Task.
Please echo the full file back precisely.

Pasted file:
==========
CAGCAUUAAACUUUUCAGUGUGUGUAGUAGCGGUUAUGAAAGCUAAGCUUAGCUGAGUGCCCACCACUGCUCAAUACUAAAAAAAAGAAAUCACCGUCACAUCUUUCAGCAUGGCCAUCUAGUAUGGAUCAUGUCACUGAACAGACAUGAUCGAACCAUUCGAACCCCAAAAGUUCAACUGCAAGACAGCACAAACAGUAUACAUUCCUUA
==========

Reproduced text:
CAGCAUUAAACUUUUCAGUGUGUGUAGUAGCGGUUAUGAAAGCUAAGCUUAGCUGAGUGCCCACCACUGCUCAAUACUAAAAAAAAGAAAUCACCGUCACAUCUUUCAGCAUGGCCAUCUAGUAUGGAUCAUGUCACUGAACAGACAUGAUCGAACCAUUCGAACCCCAAAAGUUCAACUGCAAGACAGCACAAACAGUAUACAUUCCUUA